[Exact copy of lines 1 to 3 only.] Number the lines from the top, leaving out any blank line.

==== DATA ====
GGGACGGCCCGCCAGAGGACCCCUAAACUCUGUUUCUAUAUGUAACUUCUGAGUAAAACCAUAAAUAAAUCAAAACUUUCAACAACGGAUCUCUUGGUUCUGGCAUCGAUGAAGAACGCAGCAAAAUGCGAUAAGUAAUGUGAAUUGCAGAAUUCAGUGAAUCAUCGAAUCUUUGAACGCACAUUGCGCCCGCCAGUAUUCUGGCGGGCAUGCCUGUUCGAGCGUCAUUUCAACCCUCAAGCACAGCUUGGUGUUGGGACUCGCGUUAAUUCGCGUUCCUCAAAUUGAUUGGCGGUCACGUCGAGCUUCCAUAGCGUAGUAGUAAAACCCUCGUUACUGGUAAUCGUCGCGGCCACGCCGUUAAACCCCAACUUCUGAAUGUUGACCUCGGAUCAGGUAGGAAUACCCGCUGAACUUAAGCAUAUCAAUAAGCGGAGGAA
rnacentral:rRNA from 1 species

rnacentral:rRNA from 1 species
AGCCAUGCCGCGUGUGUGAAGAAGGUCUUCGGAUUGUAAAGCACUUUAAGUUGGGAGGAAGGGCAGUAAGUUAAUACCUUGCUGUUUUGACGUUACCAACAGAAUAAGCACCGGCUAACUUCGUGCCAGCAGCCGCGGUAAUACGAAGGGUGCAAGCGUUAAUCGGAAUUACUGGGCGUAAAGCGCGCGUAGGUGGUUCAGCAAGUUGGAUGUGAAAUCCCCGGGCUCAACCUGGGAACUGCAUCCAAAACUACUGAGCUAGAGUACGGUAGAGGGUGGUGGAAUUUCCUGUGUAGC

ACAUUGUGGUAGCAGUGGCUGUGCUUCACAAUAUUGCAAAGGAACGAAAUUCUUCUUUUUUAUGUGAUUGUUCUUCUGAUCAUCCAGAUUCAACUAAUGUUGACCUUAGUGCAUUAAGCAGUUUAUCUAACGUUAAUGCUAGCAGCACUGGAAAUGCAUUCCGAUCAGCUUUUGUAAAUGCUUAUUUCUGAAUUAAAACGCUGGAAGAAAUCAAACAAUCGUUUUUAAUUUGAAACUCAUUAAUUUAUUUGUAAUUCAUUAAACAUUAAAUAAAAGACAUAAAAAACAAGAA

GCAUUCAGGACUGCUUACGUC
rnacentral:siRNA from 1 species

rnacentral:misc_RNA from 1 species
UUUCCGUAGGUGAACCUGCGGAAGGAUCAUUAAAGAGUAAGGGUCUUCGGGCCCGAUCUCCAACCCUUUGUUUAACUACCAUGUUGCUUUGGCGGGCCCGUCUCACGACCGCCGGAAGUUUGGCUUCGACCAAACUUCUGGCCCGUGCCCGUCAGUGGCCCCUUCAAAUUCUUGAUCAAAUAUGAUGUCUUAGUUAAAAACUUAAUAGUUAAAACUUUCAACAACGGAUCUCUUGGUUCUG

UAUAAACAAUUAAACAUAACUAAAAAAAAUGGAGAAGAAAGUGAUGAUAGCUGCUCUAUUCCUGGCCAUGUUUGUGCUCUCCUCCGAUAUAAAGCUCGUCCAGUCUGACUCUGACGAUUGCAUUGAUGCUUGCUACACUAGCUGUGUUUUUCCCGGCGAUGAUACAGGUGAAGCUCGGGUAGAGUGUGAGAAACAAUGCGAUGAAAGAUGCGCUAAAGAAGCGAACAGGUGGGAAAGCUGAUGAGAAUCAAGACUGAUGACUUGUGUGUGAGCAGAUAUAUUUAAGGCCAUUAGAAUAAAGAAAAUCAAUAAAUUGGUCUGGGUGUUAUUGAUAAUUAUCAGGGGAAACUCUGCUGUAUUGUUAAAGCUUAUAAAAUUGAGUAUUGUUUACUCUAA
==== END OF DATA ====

GGGACGGCCCGCCAGAGGACCCCUAAACUCUGUUUCUAUAUGUAACUUCUGAGUAAAACCAUAAAUAAAUCAAAACUUUCAACAACGGAUCUCUUGGUUCUGGCAUCGAUGAAGAACGCAGCAAAAUGCGAUAAGUAAUGUGAAUUGCAGAAUUCAGUGAAUCAUCGAAUCUUUGAACGCACAUUGCGCCCGCCAGUAUUCUGGCGGGCAUGCCUGUUCGAGCGUCAUUUCAACCCUCAAGCACAGCUUGGUGUUGGGACUCGCGUUAAUUCGCGUUCCUCAAAUUGAUUGGCGGUCACGUCGAGCUUCCAUAGCGUAGUAGUAAAACCCUCGUUACUGGUAAUCGUCGCGGCCACGCCGUUAAACCCCAACUUCUGAAUGUUGACCUCGGAUCAGGUAGGAAUACCCGCUGAACUUAAGCAUAUCAAUAAGCGGAGGAA
rnacentral:rRNA from 1 species

rnacentral:rRNA from 1 species